Roger McNamee, a self-made Silicon Valley pioneer, mapped out the four steps of success in the new economy to a crowd of UCSB students yesterday in Corwin Pavilion.

McNamee, co-founder of several successful Silicon Valley venture capital companies and author of The New Normal: Great Opportunities in a Time of Great Risk, gave a lecture Tuesday afternoon to a packed house, addressing entrepreneurship in the current global economy. McNamee’s lecture advised aspiring entrepreneurs on the pitfalls and benefits of the new market. The Herbert C. Kay undergraduate lecture program — which brings accomplished business professionals to speak at UCSB once a year — sponsored the presentation.

McNamee said the world is currently experiencing a “New Normal” — the new economic environment beginning in 2001 that followed the successes of the 1990s economy. He said the kind of unprecedented success companies experienced in the ’90s is not likely to be recreated, and business priorities need to be adjusted in order to profit from the current global economy.

“It’s not going to be exciting the way the ’90s were, but that doesn’t mean it won’t be rewarding for you,” McNamee said.

McNamee said technology, globalization, time management and the power of the individual are the four core issues that categorize the new global economy.

“The world has a new set of rules and we’re going to be stuck with them for a really long time,” he said. “So lets figure them out, figure out how to play them. Let’s beat the game.” McNamee said technology and globalization are inextricably linked and define the modern world so much so future entrepreneurs will be forced to encounter technology and globalization in their endeavors for success.

Technology, such as cell phones and computers, allow for faster and more efficient communication between people, which means more work can be done, he said.

Globalization is inevitable and can change a person’s economic opportunity as well as reduce the power of central governments, McNamee said. As multinational corporations and large businesses expand, they can move from one country to another to maximize their economic incentives, he said.

“[Technology and globalization] ensure that no one can stand still — not companies, not countries, not individuals,” McNamee said.

Countries in Asia are excelling through globalization, and students can propel themselves into the new economic environment by learning Chinese or another Asian languages, McNamee said.

The two other aspects of the “New Normal” — time management and the power of individual — are key to achieving personal success in the business world, McNamee said. He said it is crucial for individuals to prioritize, plan and participate in their lives, and technology can aid in personal scheduling.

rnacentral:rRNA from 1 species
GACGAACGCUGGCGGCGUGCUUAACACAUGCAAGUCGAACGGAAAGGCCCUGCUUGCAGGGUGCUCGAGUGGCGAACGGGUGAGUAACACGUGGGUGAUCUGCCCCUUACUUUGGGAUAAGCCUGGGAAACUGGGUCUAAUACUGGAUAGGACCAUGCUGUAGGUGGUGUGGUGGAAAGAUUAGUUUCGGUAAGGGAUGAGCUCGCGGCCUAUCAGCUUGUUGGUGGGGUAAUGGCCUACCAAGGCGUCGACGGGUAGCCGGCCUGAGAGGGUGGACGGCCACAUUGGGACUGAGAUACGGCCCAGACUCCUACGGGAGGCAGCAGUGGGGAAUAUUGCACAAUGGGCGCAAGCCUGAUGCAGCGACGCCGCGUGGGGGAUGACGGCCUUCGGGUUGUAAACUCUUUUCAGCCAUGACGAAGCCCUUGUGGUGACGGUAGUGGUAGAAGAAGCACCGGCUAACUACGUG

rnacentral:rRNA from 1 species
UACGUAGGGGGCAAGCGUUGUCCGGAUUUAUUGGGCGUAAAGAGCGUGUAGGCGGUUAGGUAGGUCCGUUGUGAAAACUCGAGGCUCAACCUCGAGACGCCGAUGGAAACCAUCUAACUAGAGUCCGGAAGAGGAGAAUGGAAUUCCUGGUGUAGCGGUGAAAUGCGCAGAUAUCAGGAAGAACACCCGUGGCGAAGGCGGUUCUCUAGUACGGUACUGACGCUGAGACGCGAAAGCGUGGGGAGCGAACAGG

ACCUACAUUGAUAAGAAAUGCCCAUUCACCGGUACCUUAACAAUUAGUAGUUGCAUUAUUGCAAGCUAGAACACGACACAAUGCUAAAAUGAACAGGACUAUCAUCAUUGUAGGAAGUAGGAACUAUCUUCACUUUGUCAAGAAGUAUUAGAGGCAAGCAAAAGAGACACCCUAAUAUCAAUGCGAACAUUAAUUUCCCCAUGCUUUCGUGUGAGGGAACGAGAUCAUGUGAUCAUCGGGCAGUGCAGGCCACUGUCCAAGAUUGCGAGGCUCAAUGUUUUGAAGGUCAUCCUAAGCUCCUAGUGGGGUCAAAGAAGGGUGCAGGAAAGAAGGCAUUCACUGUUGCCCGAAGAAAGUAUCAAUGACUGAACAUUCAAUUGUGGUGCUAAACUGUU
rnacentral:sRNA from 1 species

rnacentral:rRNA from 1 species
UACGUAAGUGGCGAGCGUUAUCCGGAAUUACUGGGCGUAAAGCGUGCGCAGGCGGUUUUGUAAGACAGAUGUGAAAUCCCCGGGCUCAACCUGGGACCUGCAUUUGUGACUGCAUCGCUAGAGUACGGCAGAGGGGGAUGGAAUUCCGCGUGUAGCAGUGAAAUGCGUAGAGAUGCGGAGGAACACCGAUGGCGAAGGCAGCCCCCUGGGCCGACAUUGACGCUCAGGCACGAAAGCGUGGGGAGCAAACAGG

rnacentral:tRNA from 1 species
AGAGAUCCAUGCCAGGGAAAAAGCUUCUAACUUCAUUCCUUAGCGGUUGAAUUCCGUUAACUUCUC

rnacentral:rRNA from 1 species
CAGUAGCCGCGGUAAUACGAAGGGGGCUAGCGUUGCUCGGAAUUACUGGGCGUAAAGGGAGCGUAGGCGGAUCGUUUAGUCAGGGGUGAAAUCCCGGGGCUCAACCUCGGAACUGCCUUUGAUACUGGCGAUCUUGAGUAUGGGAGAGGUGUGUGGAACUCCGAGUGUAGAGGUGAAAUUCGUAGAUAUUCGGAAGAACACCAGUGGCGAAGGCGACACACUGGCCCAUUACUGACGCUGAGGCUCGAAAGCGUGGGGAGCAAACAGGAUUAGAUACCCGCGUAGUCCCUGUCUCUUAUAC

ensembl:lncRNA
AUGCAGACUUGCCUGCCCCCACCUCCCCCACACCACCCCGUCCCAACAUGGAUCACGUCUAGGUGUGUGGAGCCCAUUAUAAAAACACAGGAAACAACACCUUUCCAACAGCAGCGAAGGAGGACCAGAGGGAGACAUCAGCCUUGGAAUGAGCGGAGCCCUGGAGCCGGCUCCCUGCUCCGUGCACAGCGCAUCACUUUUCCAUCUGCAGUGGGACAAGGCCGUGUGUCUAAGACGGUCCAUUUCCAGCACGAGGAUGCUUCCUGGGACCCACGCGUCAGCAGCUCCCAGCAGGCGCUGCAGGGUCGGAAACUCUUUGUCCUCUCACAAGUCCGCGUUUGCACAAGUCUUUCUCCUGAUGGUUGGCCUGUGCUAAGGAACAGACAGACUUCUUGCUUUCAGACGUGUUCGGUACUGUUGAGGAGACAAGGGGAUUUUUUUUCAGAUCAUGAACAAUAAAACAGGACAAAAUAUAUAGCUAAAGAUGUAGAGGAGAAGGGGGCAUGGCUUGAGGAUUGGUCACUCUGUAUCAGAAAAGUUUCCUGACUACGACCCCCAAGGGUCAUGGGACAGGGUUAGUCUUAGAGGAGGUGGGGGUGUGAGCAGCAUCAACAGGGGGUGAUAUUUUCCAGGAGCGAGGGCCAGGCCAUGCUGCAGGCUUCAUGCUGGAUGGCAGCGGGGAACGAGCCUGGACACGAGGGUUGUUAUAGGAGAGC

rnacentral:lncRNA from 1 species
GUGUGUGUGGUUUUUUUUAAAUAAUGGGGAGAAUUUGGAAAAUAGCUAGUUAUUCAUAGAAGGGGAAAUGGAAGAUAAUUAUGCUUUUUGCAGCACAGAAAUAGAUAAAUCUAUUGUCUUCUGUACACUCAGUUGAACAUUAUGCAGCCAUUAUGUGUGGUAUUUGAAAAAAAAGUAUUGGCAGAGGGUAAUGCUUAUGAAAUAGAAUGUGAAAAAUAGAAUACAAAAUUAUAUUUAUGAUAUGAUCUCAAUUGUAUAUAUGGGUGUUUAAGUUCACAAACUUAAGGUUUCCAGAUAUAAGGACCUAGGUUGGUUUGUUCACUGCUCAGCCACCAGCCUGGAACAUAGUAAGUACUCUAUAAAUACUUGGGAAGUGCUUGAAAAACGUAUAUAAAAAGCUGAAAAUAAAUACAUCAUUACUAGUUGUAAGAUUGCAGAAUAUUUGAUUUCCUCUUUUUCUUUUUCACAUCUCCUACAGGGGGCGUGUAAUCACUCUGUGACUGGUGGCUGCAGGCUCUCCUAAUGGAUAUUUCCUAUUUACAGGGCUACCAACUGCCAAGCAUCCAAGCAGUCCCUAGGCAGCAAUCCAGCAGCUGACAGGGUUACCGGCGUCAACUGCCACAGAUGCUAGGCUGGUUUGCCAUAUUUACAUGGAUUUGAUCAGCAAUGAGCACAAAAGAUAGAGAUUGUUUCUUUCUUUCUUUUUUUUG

Because big government and big religion are no longer a safety nets for a business’ success, McNamee said the individual is able, and required, to make more substantial decisions.

“We are on our own,” McNamee said. “We’re individuals and nobody is looking out for us. We have a lot more power then the people who came before us, but there’s no safety net.”

People also have more individual power with employers despite downsizing, McNamee said. Every time one employee at a company is fired, those still with the employer gain more leverage, become more valuable and powerful because they are required to perform on additional tasks to make up for the lost manpower, he said.

“Over the long haul there is a silver lining and it is a major silver lining, possibly a platinum lining,” McNamee said. “[The remaining employees] are now increasingly indispensable to the companies that employ them.”

Francisco Azeredo, a graduate student in economics, said he was pleased that McNamee spoke about issues of globalization.

“I thought he was very enthusiastic and showed his concern in establishing student awareness about the global economy,” Azeredo said. “The importance of prioritizing one’s life was also a good thing to mention to students.”

Clayton Sheffler, a first-year geography major, also said McNamee’s words were inspiring even though he doesn’t plan on venturing into business.

“The guidance was general enough to be very helpful in how to manage your time and how to prioritize,” Sheffler said.

McNamee, author and co-founder of several Silicon Valley companies, received his Bachelor of Arts degree from Yale University and his master’s from Dartmouth College. He frequently makes speeches at industry and investor conferences, guest stars on the CNBC program, “Louis Rukeyser’s Wall Street” and currently works with Elevation Partners — a private equity firm based on media and entertainment.